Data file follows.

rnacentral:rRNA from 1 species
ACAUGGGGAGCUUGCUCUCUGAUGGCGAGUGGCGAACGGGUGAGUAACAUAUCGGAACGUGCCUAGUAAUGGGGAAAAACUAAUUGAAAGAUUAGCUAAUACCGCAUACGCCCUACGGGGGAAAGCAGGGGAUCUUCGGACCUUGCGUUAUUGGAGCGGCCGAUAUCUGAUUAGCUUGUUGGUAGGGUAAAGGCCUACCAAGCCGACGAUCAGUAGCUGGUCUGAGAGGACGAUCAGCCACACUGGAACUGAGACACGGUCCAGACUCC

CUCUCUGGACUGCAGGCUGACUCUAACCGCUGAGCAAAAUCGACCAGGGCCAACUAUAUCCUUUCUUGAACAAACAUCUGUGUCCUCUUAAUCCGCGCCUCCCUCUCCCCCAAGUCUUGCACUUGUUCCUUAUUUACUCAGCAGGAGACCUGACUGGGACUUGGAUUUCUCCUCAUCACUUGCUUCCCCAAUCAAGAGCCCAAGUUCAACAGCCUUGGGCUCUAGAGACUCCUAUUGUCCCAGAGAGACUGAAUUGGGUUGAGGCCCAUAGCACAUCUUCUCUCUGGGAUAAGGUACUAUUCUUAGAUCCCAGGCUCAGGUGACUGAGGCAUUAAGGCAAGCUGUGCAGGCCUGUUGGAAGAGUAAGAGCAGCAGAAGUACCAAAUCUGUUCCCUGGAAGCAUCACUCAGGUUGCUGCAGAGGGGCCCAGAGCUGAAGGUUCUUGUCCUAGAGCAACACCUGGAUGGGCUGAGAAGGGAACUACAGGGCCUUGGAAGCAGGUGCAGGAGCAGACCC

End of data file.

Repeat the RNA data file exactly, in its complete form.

rnacentral:rRNA from 1 species
ACAUGGGGAGCUUGCUCUCUGAUGGCGAGUGGCGAACGGGUGAGUAACAUAUCGGAACGUGCCUAGUAAUGGGGAAAAACUAAUUGAAAGAUUAGCUAAUACCGCAUACGCCCUACGGGGGAAAGCAGGGGAUCUUCGGACCUUGCGUUAUUGGAGCGGCCGAUAUCUGAUUAGCUUGUUGGUAGGGUAAAGGCCUACCAAGCCGACGAUCAGUAGCUGGUCUGAGAGGACGAUCAGCCACACUGGAACUGAGACACGGUCCAGACUCC

CUCUCUGGACUGCAGGCUGACUCUAACCGCUGAGCAAAAUCGACCAGGGCCAACUAUAUCCUUUCUUGAACAAACAUCUGUGUCCUCUUAAUCCGCGCCUCCCUCUCCCCCAAGUCUUGCACUUGUUCCUUAUUUACUCAGCAGGAGACCUGACUGGGACUUGGAUUUCUCCUCAUCACUUGCUUCCCCAAUCAAGAGCCCAAGUUCAACAGCCUUGGGCUCUAGAGACUCCUAUUGUCCCAGAGAGACUGAAUUGGGUUGAGGCCCAUAGCACAUCUUCUCUCUGGGAUAAGGUACUAUUCUUAGAUCCCAGGCUCAGGUGACUGAGGCAUUAAGGCAAGCUGUGCAGGCCUGUUGGAAGAGUAAGAGCAGCAGAAGUACCAAAUCUGUUCCCUGGAAGCAUCACUCAGGUUGCUGCAGAGGGGCCCAGAGCUGAAGGUUCUUGUCCUAGAGCAACACCUGGAUGGGCUGAGAAGGGAACUACAGGGCCUUGGAAGCAGGUGCAGGAGCAGACCC